We had a member make us four missionaries matching planner cases.  Mine has a picture from the Children’s Friend of a kid fishing. 

Sunday afternoon we went out to the bukid.  We have a bunch of less-active members in a far away area.  We decided to go ahead and break our fast before the hike back to the road.  It was a rather hot day, and we felt like it was better to do the hike with water in us.  I was thirsty and chugged a bunch of water.  I don't know what happened, but about halfway through the hike I got a really bad stomach ache.  Elder Montecer and I sat down on some farming equipment for a while.  I expected it to pass, but it didn't.  Then at a certain point I realized that I had to go.  I made for the woods like I was running from a bear.  I jumped down a wooded hill to a ravine for some privacy from anybody who would pass on the road, and then I did what bears do.  I barely made it.  I won't go into detail, but it was quite an experience. 

I went on splits with Elder Thayne on Friday.  We did an excellent day of work.  He was my pal back in the MTC, so it was great to catch up with him.  It's funny - we used to talk in the MTC about what kind of missionaries we'd be.  Now that we've got a year and a half under our belts, it's cool to see the missionaries that we came to be.  We actually didn't do much talking because we had a full day planned, but it was cool to see each other's teaching style.  Man, I wish we could be companions.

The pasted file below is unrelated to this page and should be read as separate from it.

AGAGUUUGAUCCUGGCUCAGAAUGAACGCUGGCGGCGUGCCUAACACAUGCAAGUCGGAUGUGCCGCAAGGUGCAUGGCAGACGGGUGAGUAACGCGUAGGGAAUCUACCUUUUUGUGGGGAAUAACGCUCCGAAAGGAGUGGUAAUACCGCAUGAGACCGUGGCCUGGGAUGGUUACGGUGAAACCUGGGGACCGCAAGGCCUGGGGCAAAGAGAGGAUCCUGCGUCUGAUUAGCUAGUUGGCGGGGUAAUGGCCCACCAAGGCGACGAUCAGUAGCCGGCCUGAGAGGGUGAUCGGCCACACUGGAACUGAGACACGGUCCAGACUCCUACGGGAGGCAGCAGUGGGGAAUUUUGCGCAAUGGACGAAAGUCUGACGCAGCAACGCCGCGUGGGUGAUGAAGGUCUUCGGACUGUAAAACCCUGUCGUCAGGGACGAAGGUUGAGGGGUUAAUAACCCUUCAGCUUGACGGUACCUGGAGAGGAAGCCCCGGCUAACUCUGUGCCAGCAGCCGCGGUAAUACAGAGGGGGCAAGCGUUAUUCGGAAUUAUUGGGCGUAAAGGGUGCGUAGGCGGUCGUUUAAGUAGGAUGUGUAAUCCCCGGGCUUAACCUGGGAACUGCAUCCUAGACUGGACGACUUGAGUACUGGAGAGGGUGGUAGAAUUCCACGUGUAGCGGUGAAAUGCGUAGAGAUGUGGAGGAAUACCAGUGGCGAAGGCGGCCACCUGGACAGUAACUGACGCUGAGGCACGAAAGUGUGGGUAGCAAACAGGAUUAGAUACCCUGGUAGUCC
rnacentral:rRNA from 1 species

On Monday, between hospital visits, we got lunch with Elder Thayne, his companion Elder Foshee, and Elder Perez, whose companion just finished his mission.  We got seafood, and the restaurant was showing the NCAA tournament.  It was Kansas vs. Ohio State.  That was fun to watch.  It was from that TV broadcast that I learned the terrible news: Louisville lost to Kentucky.  It was nice to relax and talk and watch basketball. 

It rained most of the week. Talk about mud. 

When it rains, the snakes come up from underground.  We had a ward missionary working with us.  We were walking on the rice paths and she came across a snake.  She freaked out!  We all laughed about it after the snake took off, and then about twenty feet later a frog jumped out at her and she freaked out again.  We all laughed again.

Elder Montecer playing for older lady
We have this extremely old lady in our area.  She is confined to a bed, and was baptized back in the 60's in Manila.  She's fun to visit, but isn't all there anymore.  Elder Montecer and I go visit her because we want to.  It may not be the most effective use of time, but we feel good for visiting her, and no one else does.  We took the guitar with us to visit her this week.  We sang her a bunch of hymns.  Elder Montecer even premiered his guitar skills for her.  After we finished, we asked her to say the prayer.  About halfway through the prayer, she started drifting off and she forgot she was praying.  She started telling us about her children.  Then she couldn't figure out why were we wanted her to say "in the name of Jesus Christ, amen."  It was super funny.